Want To Get Better At Slacklining?
5 Training Tips To Get You There
Slacklining is an art form that you must practice in order to advance. It’s a rare case that someone can get on a line for the first time and walk across it. So practice it is! Practice, Practice, Practice. Today I’m going over 5 slackline training methods that have helped me find success on the slackline.
They are useful training methods that build muscle and keep your body in balance. Often we get overly comfortable with one side of the body, usually our stronger side, and forget about the other half. We try something once on our goofy side, struggle, then go back to our strong side. So today we will review 5 methods of training that will build your confidence as well as challenge you.
These training techniques are designed to help you recognize areas of your body that need attention and muscle strengthening. They will also improve your success with static poses and line walking. Furthermore, they will increase your ability to make minor adjustments on the line to maintain your balance for longer periods.
As you become more friendly with the nature of balance, you will see it’s an ongoing search for calmness. To maintain balance, your muscles are continuously firing. As you connect with breath, you will slowly find calmness, even in your incredibly active muscles. Now let’s take a closer look at each of these training methods.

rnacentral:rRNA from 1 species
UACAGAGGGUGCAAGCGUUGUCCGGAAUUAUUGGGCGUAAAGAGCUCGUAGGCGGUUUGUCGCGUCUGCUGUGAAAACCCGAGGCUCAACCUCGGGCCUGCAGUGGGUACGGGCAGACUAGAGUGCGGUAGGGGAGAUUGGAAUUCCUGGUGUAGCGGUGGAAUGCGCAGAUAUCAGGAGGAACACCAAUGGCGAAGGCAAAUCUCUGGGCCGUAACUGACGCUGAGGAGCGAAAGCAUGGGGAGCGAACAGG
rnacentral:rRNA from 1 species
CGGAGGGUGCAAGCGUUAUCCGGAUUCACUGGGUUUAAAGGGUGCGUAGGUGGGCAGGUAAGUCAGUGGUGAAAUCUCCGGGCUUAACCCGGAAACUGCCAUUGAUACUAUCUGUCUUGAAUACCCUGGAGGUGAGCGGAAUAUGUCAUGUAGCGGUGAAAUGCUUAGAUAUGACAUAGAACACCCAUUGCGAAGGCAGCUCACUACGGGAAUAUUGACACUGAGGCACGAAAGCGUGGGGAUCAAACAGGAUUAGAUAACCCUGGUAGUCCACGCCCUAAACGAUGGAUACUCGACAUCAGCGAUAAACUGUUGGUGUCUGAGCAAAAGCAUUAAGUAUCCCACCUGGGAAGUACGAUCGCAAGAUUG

1. Train Both Sides
This is a great technique to keep both sides of the body active and in the game. It’s easy for one half of the body to get week from underuse. It happens often, and to most of us. Early on, we pick a dominant side and we identify with that as our strong side. For example, when I ask students to do a cartwheel on both sides, 90+% can only do it on one side. So train both halves of your body to create muscular balance, which will help you find balance on the line too.
It’s just like yoga. Picture yourself in a Warrior 1 posture. You would never maintain a practice in which you only demonstrate Warrior 1 on one side. You do a warrior 1 on your right side, then balance out by doing one on your left side. Apply this approach to your slackline practice to unlock transitions and poses, while also training to walk with more ease.
It’s not easy and it takes time, but your body will appreciate you for giving it the attention it needs. All this training on the line also translates to increased stamina off the line. For example, if you hold Tree pose (Vriksasana) on the line for 30 seconds, you’ll then notice that the pose becomes much easier on the ground. (Go figure!)
2. Long Holds